Wednesday, December 23, 2020


This review was originally written for in 2013.

One assumes biopics about noted intellectuals and philosophers aren't exactly the easiest thing to sell to studio execs, much less an audience. Even Albert Einstein tends to only get movies when it's either a romantic comedy or an imagined fantasy pairing him with Marilyn Monroe.


So, hats off to German director Margarethe von Trotta (RosenstrasseThe Lost Honor of Katharina Blum [review]) for not only getting folks to back her movie about 20th-Century philosopher Hannah Arendt, but for also making it entertaining and provocative.

Co-written by von Trotta and Pam Katz (Remembrance), Hannah Arendt stars Barbara Sukowa (EuropaBerlin Alexanderplatz [review]) as the central character, a Jewish woman who fled from Germany during World War II. Arendt landed on her feet in America, where she began writing her many books exploring the relationship between individuals and the society in which they live, and how each is defined by the other (to be fairly simplistic about it, as my understanding of Arendt's actual writing is limited). She became a professor at the New School, and eventually became a naturalized citizen.


von Trotta's portrait picks up in the early 1960s, just after the arrest of Nazi fugitive Adolf Eichmann, who was abducted and taken to Israel by Mossad in order to stand trial. Arendt decided she wanted to see what this notorious individual looked like up close, having herself been separate from much of the atrocities of Hitler's rule by getting away during the war. So, she proposed to The New Yorker that they send her to Jerusalem to cover the proceedings.


Once there, the movie tells us, Arendt was surprised to find that Eichmann was not some larger-than-life personality, but a mere bureaucrat whose very averageness suggested a more insidious cruelty than she even imagined. He embodied what she called the "banality of evil." His terrible activities organizing the transport of Nazi prisoners to their deaths at concentration camps were not undertaken for selfish gain, personal hate, or any other strong conviction. His adopting the standard Nazi defense of "I was just following orders" was indicative of the truth: he had surrendered all personality to "the law." He was all the more disgusting for having just done his job instead of exercising some kind of moral imperative.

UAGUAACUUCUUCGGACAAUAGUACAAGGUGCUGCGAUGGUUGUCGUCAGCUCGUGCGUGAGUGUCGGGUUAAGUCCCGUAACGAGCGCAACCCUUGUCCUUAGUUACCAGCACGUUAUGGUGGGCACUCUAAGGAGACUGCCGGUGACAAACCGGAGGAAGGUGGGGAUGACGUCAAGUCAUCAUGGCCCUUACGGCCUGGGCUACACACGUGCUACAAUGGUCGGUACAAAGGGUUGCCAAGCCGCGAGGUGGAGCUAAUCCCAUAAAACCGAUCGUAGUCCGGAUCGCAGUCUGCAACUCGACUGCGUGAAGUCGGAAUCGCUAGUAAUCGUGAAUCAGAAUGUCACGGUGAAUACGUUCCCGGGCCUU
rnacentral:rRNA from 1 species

This became a central thesis of her articles and her eventual book, Eichmann in Jerusalem, though, as Hannah Arendt points out, the main controversy and criticism of the material was that, in looking at all the evidence presented, Arendt noted what she considered an error in judgment on the part of the Jewish leaders who cooperated with the Nazis. Their hope of lessening the damage by trying to go along, to her mind, only led to more deaths. In much the same way pundits tend to do today (and so it seems history repeats), seizing on and singling out such incendiary elements without acknowledging the totality of the work only proved to cause an uproar and derail any serious engagement with the topic by the populace at large.


Hannah Arendt deals with the full story, from the visit to Israel through to the criticism and defense of the articles. It features lots of heated debate, flashbacks to Arendt's college affair with Heidegger (Klaus Pohl), a little bit of political intrigue, and lots of wrestling with notions of what's noble and correct--or as Arendt puts it, "right and wrong, beautiful and ugly." The film engages with the ideas in a meaningful way, avoiding creating any "Ah-ha!" moments like we tend to see in biography movies about singers or artists, while also remembering to treat Arendt as a human being. Essential to her intellectual pursuits is her stable home life. Arendt had a very loving marriage with her husband, Heinrich Blücher (Axel Milberg), the man she fled Germany with and her most ardent supporter. The turmoil over her choices cost Arendt many friends, but Blücher held strong.


von Trotta presents the material clearly and directly. Outside of the flashbacks, she doesn't get fancy with structure or try to liven things up by making the movie slick or flashy. Rather, she lets her steadfast actress carry the narrative. Sukowa is phenomenal in the role, embodying Arendt's courage and conviction, but also understanding that such a stance comes with nuance. A true thinker allows for doubt and anxiety, and despite the many accusations to the contrary by others in the film, Sukowa shows Arendt to also be a woman who genuinely felt things. It's this compassion that maybe allowed her to strive for a greater understanding, divorced from her own feelings. (Despite thinking Eichmann was an unremarkable individual, she felt his crimes deserved the punishment of death.)


This mixture makes for an engaging example of how good biopics can be with a smart guiding force and a focused narrative. Hannah Arendt bites off exactly what its writer/director can chew, digesting the material in a way that is both illuminating and a pleasure to watch.

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